As is usual when I take these walks around our new neighborhood outside Pokuase, there are new plants to see. This time, the new ones were smallish trees that were bearing large numbers of yellow, cherry-sized fruit, that were covering a bright red seed. The weight of the fruit was so much that the trees were really sagging:

Laden branches
A row of such trees, 3-4 meters high.
The landscape architect at the ACP Estates had planted the streets with a great variety of species, and they seem to bloom throughout the year. Below is a closeup of the pale blue flowers on the same trees that were bearing the yellow fruit. I was a bit surprised to see flowers and fruit on the same tree at the same time...

We also passed some Bougainvillea thorn bushes, which have the craziest colors:

as well as some ripe palm oil nuggets and a bright red hibiscus flower:

Matthew 6:25-33 (ESV)"Therefore I tell you, do not be anxious about your life, what you will eat or what you will drink, nor about your body, what you will put on. Is not life more than food, and the body more than clothing?  Look at the birds of the air: they neither sow nor reap nor gather into barns, and yet your heavenly Father feeds them. Are you not of more value than they? And which of you by being anxious can add a single hour to his span of life? And why are you anxious about clothing? Consider the lilies of the field, how they grow: they neither toil nor spin, yet I tell you, even Solomon in all his glory was not arrayed like one of these.  But if God so clothes the grass of the field, which today is alive and tomorrow is thrown into the oven, will he not much more clothe you, O you of little faith? Therefore do not be anxious, saying, 'What shall we eat?' or 'What shall we drink?' or 'What shall we wear?'  For the Gentiles seek after all these things, and your heavenly Father knows that you need them all. But seek first the kingdom of God and his righteousness, and all these things will be added to you."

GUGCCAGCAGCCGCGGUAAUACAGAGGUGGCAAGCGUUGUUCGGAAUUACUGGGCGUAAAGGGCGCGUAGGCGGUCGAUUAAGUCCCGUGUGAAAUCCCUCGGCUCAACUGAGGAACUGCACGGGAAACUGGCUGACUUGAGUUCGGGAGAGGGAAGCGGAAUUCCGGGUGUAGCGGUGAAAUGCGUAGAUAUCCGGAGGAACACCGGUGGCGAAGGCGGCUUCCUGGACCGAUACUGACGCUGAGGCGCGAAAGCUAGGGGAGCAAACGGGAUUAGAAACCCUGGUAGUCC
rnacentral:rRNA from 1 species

Friday, March 08, 2013

Late Luggage, Ghana style...

Charlie writes:

Rolling along the highway with our five bags
Rolling along the main highway with our five bags
Inside the Domestic Terminal
Back to the truck, off to lunch...

The second porter on that leg...
Back the last time...
This past weekend, a 13-member team from the Living Word
Church in Wildwood, outside St. Louis, Missouri, returned
for another visit to their friends in northern Ghana.
Mary Kay is escorting them this week, along with Nana,
the driver from the Methodist Church of Ghana. You can
read more about their trip at their Ghana Project website.

Unfortunately, there were five pieces of luggage that did not
make the short transfer interval at London's Heathrow Airport.
In fact, the team almost got cut in half when the pastor was
pulled aside for a thorough examination. The team members
were used to this happening, and were prepared to file
the appropriate papers at the late/lost luggage counter
downstairs at the Accra airport.

I should have checked the next evening to find all the bags,
but instead, Mary Kay had to remind me that the team was
looking forward to distributing some things from those very